Symantec is also increasing the number of phone support personnel available to the channel, and looking to make it easier to quickly escalate from level 1 to level 2 support, Salem said. For instance, for the launch of Symantec Endpoint Protection, the vendor added about 300 new support personnel, and is now training them.

Effective this month, Symantec is also doubling the threshold under which a channel partner must submit a copy of the customer's purchase order, Parrish said. The new threshold is $1 million per order, compared to the current $500,000, she said.

The purchase order requirement came into play because of regulatory concerns which required proof that software that was sold was actually ordered by the customer, Parrish said.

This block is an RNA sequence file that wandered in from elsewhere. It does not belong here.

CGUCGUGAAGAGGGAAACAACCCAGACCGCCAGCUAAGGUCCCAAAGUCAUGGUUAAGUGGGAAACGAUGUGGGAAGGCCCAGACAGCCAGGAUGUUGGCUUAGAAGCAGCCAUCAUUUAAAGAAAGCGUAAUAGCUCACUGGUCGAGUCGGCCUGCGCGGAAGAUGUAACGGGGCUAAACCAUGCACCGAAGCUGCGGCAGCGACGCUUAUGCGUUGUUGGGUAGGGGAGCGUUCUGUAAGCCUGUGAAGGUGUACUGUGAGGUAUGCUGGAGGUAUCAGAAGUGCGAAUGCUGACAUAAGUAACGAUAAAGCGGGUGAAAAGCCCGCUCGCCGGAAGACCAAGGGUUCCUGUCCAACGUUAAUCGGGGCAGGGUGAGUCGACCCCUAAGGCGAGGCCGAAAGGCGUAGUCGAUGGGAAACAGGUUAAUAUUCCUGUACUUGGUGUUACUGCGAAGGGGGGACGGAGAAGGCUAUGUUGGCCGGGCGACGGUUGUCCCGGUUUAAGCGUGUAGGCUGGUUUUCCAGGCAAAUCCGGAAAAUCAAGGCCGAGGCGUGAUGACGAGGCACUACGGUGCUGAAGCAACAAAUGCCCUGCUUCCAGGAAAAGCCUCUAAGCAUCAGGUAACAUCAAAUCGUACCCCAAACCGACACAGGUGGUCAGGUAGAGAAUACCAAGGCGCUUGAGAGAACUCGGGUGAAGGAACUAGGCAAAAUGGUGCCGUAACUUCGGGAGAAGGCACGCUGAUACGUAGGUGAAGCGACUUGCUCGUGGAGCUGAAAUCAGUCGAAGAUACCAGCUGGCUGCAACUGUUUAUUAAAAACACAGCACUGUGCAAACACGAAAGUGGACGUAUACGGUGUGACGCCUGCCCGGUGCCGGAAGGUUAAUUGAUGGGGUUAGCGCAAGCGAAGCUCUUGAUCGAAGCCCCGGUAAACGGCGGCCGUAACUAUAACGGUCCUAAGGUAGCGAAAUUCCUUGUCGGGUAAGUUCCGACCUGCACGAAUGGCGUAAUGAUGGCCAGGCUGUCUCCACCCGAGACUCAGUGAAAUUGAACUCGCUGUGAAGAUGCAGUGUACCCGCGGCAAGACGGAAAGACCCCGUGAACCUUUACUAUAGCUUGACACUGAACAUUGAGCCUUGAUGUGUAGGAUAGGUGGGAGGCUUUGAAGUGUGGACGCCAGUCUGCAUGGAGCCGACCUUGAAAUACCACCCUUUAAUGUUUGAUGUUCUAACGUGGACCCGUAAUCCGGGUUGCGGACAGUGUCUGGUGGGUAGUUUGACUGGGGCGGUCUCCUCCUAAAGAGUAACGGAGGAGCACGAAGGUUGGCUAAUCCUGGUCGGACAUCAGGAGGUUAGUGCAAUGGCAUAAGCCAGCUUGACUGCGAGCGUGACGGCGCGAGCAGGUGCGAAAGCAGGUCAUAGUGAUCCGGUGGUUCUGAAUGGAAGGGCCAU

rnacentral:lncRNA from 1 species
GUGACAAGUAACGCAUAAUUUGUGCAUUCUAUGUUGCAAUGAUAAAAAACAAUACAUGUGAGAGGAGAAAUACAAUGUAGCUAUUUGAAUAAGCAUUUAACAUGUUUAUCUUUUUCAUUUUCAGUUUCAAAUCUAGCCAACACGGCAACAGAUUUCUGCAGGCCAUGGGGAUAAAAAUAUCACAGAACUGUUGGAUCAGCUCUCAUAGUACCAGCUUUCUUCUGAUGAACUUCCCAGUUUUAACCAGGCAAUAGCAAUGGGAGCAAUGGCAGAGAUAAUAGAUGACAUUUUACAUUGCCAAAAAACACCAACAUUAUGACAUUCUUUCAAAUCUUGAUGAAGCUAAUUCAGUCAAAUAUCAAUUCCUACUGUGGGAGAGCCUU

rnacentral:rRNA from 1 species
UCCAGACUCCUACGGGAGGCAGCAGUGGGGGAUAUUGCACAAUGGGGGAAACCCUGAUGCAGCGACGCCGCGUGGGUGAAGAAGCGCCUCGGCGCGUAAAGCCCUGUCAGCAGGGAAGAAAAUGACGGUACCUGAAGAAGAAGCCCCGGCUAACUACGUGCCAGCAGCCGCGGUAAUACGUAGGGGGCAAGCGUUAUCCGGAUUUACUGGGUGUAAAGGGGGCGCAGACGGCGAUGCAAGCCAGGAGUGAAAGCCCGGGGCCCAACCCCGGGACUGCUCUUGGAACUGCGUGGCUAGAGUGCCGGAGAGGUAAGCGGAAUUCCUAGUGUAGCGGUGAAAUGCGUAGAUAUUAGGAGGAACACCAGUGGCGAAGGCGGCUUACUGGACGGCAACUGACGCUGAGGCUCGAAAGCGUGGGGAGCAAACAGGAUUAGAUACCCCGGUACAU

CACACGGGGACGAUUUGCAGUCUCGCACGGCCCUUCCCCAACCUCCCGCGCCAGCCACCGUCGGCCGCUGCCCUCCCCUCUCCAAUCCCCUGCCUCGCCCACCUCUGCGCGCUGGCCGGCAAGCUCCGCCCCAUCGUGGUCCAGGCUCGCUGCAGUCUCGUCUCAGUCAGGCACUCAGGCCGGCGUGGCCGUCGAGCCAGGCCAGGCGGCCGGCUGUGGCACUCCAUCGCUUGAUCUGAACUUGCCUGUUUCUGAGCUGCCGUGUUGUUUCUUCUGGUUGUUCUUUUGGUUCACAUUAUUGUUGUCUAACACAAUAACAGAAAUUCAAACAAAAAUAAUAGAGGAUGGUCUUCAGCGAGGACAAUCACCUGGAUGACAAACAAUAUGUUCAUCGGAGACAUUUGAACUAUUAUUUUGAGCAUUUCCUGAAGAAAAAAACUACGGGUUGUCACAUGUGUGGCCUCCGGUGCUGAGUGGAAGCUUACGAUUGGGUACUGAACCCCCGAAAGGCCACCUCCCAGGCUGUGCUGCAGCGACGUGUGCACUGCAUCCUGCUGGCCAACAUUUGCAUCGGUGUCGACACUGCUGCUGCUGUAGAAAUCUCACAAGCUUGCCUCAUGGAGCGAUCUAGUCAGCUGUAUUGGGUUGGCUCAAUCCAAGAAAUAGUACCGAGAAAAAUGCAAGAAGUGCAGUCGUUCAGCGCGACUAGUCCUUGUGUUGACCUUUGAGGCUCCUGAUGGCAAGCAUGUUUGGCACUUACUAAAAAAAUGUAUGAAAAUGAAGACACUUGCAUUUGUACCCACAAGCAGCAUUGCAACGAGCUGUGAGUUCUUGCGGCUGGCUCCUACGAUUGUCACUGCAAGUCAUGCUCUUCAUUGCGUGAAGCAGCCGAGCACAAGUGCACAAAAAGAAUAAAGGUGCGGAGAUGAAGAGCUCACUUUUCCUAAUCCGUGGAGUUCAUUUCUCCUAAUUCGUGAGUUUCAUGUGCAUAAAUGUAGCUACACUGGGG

"It was a clunky thing to go from the customer to the reseller to the distributor," she said. "It's common in the industry, but for some reason we set the threshold too low. A lot of people needed to read the P.O., which would hold up a lot of deals at the end of the quarter."

Randy Cochran, vice president of Symantec's channel sales, also unveiled a couple of new promotions, including a $100 American Express give card to the first 200 solution providers who complete the SMB Specialization.

Cochran also said that upgrading a customer to Symantec Endpoint Protection, or replacing a competitive product with it, will result in a cash bonus to solution providers under the Big Draw Promotion, which is currently focused on Backup Exec.

Throughout the conference, Symantec's theme was that solution providers need to look beyond their legacy security expertise or legacy storage expertise and work with the vendor's full range of products.